I’m taking part in The Canadian Food Experience Project, which challenges bloggers to post each month about a Canadian culinary topic. This month the focus is on cherished Canadian recipes, which is a hard topic; Canadian cuisine in general focuses on ingredients over preparations, and so there aren’t a lot of truly Canadian recipes. However those that do exist are great, though they are often very regional or even personal.
My family has shared several recipes down over the four generations we have been in this country, and as my father’s family worked in the fishing industry I thought I would share the family method of preparing salmon tails. I grew up around fish and fishing boats, and my earliest memories are of freshly caught salmon baking in the oven. One of my little culinary tricks is to avoid serving the big salmon steaks one finds in restaurants; I stick to the tails, which are much more flavourful. I start this recipe with a nice fresh wild sockeye, usually about the back third of a fillet. Only buy salmon from someone you trust; when I can’t get fish from my father, I go to Longliner on Granville Island, whose beautiful fish has never let me down.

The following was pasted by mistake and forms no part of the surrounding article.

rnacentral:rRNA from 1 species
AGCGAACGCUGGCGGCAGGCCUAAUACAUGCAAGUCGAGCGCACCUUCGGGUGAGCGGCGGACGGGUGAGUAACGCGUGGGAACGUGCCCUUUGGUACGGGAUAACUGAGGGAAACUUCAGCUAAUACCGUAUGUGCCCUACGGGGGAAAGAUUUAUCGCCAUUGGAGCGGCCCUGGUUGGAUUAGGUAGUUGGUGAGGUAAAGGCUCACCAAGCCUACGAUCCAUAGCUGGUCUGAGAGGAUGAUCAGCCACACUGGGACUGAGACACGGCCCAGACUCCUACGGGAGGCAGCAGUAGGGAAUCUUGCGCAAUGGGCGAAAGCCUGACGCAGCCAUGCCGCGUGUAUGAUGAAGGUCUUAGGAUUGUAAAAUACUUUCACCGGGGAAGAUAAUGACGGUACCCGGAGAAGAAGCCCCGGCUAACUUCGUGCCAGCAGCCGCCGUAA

Mix with a whisk about a third of a cup of canola oil, a tablespoon of Ethiopian berbere (not what grandma used, but it is the perfect spice for salmon), and three tablespoons of tomato ketchup. Spread this strange mix onto the fish, which should be placed in a glass baking pan. Grind a little black pepper onto the whole thing. I strongly discourage people from using lemon on salmon, by the way; it brings out a fishy flavour and destroys the delicate forest/berry flavour that good salmon should have. Cook at 390 F until the thickest section just starts to flake. Leave in the pan to cool for five minutes- the last bit of cooking happens there.
Salmon is an iconic Canadian food, and is absolutely essential to West Coast cuisine. Candied salmon is a great example of what the Japanese call an Omiyage, or regional food gift. Salmon is one of the most popular items at the airport! Our salmon runs are national treasures, and require that we carefully steward our rivers for their use. If you love salmon, consider getting involved with stream and wetland restoration.